Dovetail chatted with Niels Oeltjen, a Product Designer at video creation platform Biteable. Founded in Hobart, Australia, with staff dotted globally, Biteable enables anyone to put their message in motion.
Can you tell us about Biteable?
Communicating through the medium of video is increasingly important. Biteable ensures that organizations and individuals can tell stories through the power of video. Regardless of budgets or existing skillsets, Biteable helps you create professional videos in minutes. The Biteable platform empowers millions of people to engage and grow their audience with video.
How does design and research work?
At Biteable, product designers and product managers work in small, cross-functional, autonomous teams under the guidance of our Co-founder and Head of Product, James MacGregor. We are all responsible for understanding the needs of our users and developing practical solutions in response. While user research is led by the product team and managed by product designers, almost every function at Biteable communicates directly with our users. The product, engineering, customer success, sales, marketing, and leadership teams all conduct user research in some way or another.
What challenges do you have with research?
With four designers working across multiple countries and timezones, our design team struggled to coordinate our research efforts in the past. Participant recruitment and insight creation proved to be two of the major issues we faced within our research process. Our workflow and tooling were fragmented and not optimized for gathering insights. Despite being in a relatively good place, we felt we could do better and began to look for tools that would improve our data collection and analysis.
We were facing significant company growth, hiring loads of people in the product team, and investing heavily in user research. It was clear that we needed to centralize our user research so that anyone in the organization could access and benefit from it. We created a research repository that everyone could contribute research to, and we optimized it to identify patterns, gather evidence, and produce insights.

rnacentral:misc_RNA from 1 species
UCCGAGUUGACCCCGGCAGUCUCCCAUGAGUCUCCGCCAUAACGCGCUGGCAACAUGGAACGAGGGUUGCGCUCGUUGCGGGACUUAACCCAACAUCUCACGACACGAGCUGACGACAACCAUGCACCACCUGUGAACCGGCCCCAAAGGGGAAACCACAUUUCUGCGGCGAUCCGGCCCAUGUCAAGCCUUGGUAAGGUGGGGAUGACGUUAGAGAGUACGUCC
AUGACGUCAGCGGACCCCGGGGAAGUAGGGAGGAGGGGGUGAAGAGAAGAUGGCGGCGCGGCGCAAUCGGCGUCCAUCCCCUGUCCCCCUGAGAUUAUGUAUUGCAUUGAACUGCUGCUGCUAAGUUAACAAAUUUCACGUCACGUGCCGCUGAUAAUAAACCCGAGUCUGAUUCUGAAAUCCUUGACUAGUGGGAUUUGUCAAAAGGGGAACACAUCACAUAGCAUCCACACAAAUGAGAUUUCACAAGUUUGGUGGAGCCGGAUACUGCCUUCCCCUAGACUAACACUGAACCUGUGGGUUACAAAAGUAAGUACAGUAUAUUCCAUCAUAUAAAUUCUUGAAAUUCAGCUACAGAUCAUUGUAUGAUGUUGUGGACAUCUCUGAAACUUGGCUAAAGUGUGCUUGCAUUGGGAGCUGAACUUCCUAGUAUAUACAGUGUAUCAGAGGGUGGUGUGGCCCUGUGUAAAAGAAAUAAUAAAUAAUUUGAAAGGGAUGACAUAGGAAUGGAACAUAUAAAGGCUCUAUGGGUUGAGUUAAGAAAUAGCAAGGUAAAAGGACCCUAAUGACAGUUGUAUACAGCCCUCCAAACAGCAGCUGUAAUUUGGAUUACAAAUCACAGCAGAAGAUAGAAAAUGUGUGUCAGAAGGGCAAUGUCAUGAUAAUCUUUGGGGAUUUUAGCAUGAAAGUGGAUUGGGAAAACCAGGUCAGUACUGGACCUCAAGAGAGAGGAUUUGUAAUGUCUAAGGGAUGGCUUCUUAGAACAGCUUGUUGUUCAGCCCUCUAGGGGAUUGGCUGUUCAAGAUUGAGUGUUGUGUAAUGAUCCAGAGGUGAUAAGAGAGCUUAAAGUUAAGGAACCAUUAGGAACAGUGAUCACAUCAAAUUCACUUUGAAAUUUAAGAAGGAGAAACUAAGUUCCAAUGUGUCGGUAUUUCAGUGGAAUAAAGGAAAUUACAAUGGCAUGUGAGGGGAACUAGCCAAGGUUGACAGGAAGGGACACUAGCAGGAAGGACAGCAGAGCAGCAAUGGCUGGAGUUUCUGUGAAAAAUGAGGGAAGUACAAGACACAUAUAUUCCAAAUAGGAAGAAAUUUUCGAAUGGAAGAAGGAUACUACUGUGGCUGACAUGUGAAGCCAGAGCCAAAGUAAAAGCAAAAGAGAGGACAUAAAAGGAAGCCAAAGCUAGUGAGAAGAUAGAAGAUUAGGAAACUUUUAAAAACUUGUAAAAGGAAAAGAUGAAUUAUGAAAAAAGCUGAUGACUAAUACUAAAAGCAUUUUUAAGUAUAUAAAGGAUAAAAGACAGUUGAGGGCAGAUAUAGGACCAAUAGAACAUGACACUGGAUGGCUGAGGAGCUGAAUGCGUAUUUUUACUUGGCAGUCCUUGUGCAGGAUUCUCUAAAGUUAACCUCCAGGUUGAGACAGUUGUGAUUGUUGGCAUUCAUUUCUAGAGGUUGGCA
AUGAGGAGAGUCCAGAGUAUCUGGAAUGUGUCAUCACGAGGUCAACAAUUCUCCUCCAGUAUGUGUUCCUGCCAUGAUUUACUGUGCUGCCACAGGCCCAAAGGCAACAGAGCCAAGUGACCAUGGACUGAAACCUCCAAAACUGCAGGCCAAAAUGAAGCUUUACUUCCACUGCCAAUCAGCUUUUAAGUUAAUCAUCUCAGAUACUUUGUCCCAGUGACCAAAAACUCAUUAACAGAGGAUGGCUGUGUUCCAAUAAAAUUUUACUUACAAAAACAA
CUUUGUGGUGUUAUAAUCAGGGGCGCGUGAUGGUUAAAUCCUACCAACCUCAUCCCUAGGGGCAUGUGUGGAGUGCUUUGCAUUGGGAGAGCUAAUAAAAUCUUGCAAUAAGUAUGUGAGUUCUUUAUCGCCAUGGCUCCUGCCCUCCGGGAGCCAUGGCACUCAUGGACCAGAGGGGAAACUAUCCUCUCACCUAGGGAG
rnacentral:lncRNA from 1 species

How does research fit into your design process?
As part of user research investment, we conduct weekly customer interviews and collate user feedback via our customer success, product, sales, and marketing teams. We also capture information when our CEO conducts customer interviews.
Initially, we spent some time migrating our historical research into Dovetail, which has been key to informing new projects during the discovery phase and understanding key customer concerns over time.
We’ve found the following features particularly useful:
Tagging has been incredibly impactful because it’s allowed us to identify trends and patterns.
Automatic transcriptions are proving to be a time-saver, and we expect it will improve our documentation as we continue to use it.
Commenting and insights are becoming a significant part of our workflow as our research database continues to grow in the next few months.
How has Dovetail improved upon what you were doing before?
Despite only moving to Dovetail a couple of months ago, we feel its impact. It enables us to distill information, patterns, and insights into our raw data and maximize our research efforts across teams and geographies. As the design team grows and our research methods improve, we expect Dovetail will streamline our data collection and analysis workflow by removing duplication, minimize dead-ends, strengthen the coordination amongst teams, drive insight gathering, and ultimately save us time, effort, and money so we can focus on doing what we do best — creating the best online video maker for everyone.
How has your organization adopted Dovetail?
The appetite for more qualitative customer data is strong amongst all of our teams. Until now, the product designers and product managers are the heaviest adopters of Dovetail, but as we continue to use the platform, we’ll collect essential information and gather more data to assist other groups in informing and augmenting their quantitative data-gathering activities.